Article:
Great thoughts from Mo. Jargon or no, things are not the way they are supposed to be.
How can you make the Gospel less offensive? Jesus was offensive! LOL. He liked to call people what they were, like 'hypocrite' and 'viper'. By today's standards, that's offensive. Of course, today's (incredibily irritating) little maxim is, "if you can't say anything nice, don't say anything at all". Imagine how depressing and ineffective Jesus would be as a Messiah if He had lived by that!
The funny thing is, these days, lots of people act along the lines of "Jesus is OK; it's His followers I can't stand." This is the root of much of the popular distancing from Christianity and religion.

Fact is, it's mostly bullshit—the actual Jesus would almost certainly offend these folks. Their unwillingness to accept His authority (including His grace) and to forgive His Church establishes this. But it's everso hip to hang onto an idea of Jesus that's just a projection of one's own values, one that never asks us to repent and certainly never says "No." Very fluffy, very wrong.
I knew I was doing something wrong. ;) My 'projection' of Jesus says 'No' all the time and gets quite stern if I've done something I shouldn't. We fight too, upon occasion.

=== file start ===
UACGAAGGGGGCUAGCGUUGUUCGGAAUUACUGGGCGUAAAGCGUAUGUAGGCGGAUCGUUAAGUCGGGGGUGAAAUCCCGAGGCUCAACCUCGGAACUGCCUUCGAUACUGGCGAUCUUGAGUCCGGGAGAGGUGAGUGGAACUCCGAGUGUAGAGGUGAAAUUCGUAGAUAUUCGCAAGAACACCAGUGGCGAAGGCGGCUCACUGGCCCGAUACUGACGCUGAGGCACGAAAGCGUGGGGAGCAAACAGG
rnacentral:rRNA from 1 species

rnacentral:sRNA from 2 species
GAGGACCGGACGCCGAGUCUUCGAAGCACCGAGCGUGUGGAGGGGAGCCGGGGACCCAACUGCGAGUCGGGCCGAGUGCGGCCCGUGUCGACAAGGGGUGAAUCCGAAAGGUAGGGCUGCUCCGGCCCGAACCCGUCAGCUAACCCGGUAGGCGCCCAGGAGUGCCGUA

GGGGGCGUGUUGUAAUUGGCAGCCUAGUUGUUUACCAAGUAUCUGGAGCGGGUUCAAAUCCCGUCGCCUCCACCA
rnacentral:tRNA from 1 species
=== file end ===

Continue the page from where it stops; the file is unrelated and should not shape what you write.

I really must do more work on my 'projection'. ;) LOL!
Basically, Miller seems here to be making up jargon so he'll be invited to explain it, and so he can jettison any baggage associated with Christianity.

Sounds like re-packaged Jesus Movement stuff; how very 70s.
a participant suggested abandoning the phrase "Every knee shall bow" in connection with Christ's return, because it didn't have context and meaning for people today

No, it doesn't. Because people today don't bow the knee to anything or anyone. It's all about meeeeeeee. I can't even think of a contemporary analogy. "Every hand shall cover his heart, and every tongue recite the Pledge of Allegiance to Jesus"? Not only weak, but inaccurate. On the contrary: WE NEED TO LEARN what conquest by, and submission to, a King means.

Bible translators do have some hurdles to jump in translating Scriptural concepts into languages and cultures that lack some of the basic elements: e.g. how do you explain "the Good Shepherd" to a tribe that has never known sheep? But I expect that, human experience being pretty close to the same everywhere, you could find a point of contact (something comparable to sheep and shepherds) from which to educate your new audience. Now with our culture, which has been saturated with Christian imagery since the beginning, this is a relatively easy task. Pretending that the next generation are a bunch of space aliens and that we need to monkey around with the words of Scripture (and in so doing, of course, write our own cultural preconceptions in) to make them comprehensible is a grave error. Bottom line: we and our culture need to be informed and educated by Scripture; we don't need to conform Scripture to our and our culture's expectations. And this (among numerous other reasons) is why I can't support Pomo Church.